Disclosure: As an Amazon Associate I earn from qualifying purchases. I receive a small commission at no cost to you when you make a purchase using my link.
When I was really young, before my sixth birthday, I had to have surgery. It repaired my hearing. Turns out, I was legally deaf. Some sort of buildup couldn’t drain. The surgery was a complete success. But it left me with a different problem. I had a severe speech impediment. By the time I was in second or third grade, I had become the whipping boy at school. Everyone took shots at me. I was easy pickings when it came to goofing on my voice. Although my name was Vinnie, the kids never called me that. They called me Vinna. That’s what my name sounded like when it came out of my mouth. They would say it as if they were a person who was severely handicapped. Quite frankly, that’s what I sounded like. Here’s the kicker. As many of my readers may know, I went to a private Catholic school. I was taught by nuns. The nuns generally took pride in joining in on the fun. They would often make fun of me in front of other kids. One nun referred to me as Marble Mouth. I was also told to swallow the grits I was eating before I spoke. I couldn’t stand those sadistic bitches. I hated my life as a kid. I was goofed on by fellow students and the only people I could count on, these “Daughters of God,” were even worse. Going to school and getting home was no better. The private school shared a school bus with the public school system. Those kids also took great pride in messing with me on the bus. I wanted to fight back, but I couldn’t. I would only get my ass kicked by groups of kids. I would often dream that I would become a superhero like Superman or Batman or any of the others from comic books. The only problem was, even at the ripe old age of 10, I realized superheros were only cartoon characters. I told you that to tell you this. One Saturday I was flipping through the channels on the television. Back then, we only had three channels. I stopped at one of the three because I saw something interesting. There was a man dressed in a tight black T-shirt with black pants. He had bulging biceps and triceps. He had a huge vein running over the top of his bicep. I was mesmerized. This man looked like a real superhero. His name was Jack LaLanne.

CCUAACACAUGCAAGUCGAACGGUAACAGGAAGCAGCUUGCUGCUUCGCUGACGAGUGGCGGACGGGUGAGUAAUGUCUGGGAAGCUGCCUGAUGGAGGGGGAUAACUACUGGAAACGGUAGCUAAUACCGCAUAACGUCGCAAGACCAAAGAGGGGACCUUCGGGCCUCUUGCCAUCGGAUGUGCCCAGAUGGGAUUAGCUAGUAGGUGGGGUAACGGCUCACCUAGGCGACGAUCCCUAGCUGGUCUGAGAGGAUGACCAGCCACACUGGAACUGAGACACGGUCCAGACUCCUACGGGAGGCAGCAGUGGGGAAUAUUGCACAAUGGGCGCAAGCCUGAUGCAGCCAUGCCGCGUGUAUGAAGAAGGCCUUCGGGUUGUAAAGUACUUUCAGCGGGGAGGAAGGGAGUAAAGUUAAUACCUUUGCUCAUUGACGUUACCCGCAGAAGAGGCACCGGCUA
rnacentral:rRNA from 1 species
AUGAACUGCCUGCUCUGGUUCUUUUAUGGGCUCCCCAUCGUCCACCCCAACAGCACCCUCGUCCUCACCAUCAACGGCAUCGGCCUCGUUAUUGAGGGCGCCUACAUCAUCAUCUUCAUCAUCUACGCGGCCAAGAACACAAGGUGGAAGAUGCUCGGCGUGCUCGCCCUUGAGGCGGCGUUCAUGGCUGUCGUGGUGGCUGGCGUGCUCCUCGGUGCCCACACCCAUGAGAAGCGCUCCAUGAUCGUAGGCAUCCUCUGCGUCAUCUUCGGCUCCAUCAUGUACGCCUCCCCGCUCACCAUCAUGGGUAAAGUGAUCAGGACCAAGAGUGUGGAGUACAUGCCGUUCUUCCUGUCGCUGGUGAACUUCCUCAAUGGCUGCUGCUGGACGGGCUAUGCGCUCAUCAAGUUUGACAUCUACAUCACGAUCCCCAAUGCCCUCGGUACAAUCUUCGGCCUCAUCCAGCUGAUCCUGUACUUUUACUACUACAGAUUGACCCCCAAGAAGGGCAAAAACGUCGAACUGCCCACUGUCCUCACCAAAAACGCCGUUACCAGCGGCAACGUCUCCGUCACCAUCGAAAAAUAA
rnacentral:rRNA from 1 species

He would lift weights up and down. At the ripe old age of 9, I realized that by pushing weights up and down, I too could look like a superhero. I watched Jack every single Saturday. As he described proper pushups and situps, I listened closely. I found a piece of pipe that I would hang bricks off of the ends and copy what my hero had done. Every now and then the brick would fall and pinch my fingers, causing me to bleed. That pain was nothing compared to the pain I felt in school every day. I continued to exercise. Jack mentioned running, so I did that too. When Jack talked about jumping jacks, I did those as well. I thought jumping jacks were named after him. He said do pullups, I did pullups. I did it all. By the time I was 10 or 11, not only did I have physical power, but I also felt empowered. No longer could these sadistic bitches get to me. No longer could the kids bother me. I learned how to kick ass and take names. Jack gave me something more. He taught me a way of life that I’ve never abandoned. At 48 years old, I still follow those teachings. I always got a kick out of the fact that Jack worked well into his 90s. I love the fact he never abandoned the truth. He never told lies. He never told people they can get in shape in five minutes. I always felt like Jack was a friend, even though I never met him. A man that I never met changed my life as a young kid. It makes me wonder how many other people he helped. I know it’s got to be in the tens of thousands. I grieve with the rest of the world now that he’s gone. I have a feeling he’ll live on forever through his teachings. I just want to say thanks to a man who meant so much to me, even though I’ve never had the pleasure of meeting him.
“I’m going to help you help yourself.” – Jack LaLanne